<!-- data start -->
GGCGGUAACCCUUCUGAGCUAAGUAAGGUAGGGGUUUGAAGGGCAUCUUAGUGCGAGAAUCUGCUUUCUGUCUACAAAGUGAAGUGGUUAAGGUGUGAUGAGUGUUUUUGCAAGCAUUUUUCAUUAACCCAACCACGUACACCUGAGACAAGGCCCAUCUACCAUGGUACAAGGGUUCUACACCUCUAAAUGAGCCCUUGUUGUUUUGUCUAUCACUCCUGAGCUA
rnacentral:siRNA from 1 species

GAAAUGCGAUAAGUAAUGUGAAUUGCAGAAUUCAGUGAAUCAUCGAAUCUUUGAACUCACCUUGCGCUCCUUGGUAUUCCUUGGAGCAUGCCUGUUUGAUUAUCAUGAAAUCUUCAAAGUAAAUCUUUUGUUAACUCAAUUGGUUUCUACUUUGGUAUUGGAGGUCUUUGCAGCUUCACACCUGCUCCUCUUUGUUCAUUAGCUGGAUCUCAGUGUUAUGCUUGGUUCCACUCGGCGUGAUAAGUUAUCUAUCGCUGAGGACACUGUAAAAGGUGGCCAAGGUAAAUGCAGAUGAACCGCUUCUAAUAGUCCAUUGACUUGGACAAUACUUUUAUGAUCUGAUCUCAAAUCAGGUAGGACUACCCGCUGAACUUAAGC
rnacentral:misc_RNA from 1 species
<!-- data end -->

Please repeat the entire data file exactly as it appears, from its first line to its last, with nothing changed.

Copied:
GGCGGUAACCCUUCUGAGCUAAGUAAGGUAGGGGUUUGAAGGGCAUCUUAGUGCGAGAAUCUGCUUUCUGUCUACAAAGUGAAGUGGUUAAGGUGUGAUGAGUGUUUUUGCAAGCAUUUUUCAUUAACCCAACCACGUACACCUGAGACAAGGCCCAUCUACCAUGGUACAAGGGUUCUACACCUCUAAAUGAGCCCUUGUUGUUUUGUCUAUCACUCCUGAGCUA
rnacentral:siRNA from 1 species

GAAAUGCGAUAAGUAAUGUGAAUUGCAGAAUUCAGUGAAUCAUCGAAUCUUUGAACUCACCUUGCGCUCCUUGGUAUUCCUUGGAGCAUGCCUGUUUGAUUAUCAUGAAAUCUUCAAAGUAAAUCUUUUGUUAACUCAAUUGGUUUCUACUUUGGUAUUGGAGGUCUUUGCAGCUUCACACCUGCUCCUCUUUGUUCAUUAGCUGGAUCUCAGUGUUAUGCUUGGUUCCACUCGGCGUGAUAAGUUAUCUAUCGCUGAGGACACUGUAAAAGGUGGCCAAGGUAAAUGCAGAUGAACCGCUUCUAAUAGUCCAUUGACUUGGACAAUACUUUUAUGAUCUGAUCUCAAAUCAGGUAGGACUACCCGCUGAACUUAAGC
rnacentral:misc_RNA from 1 species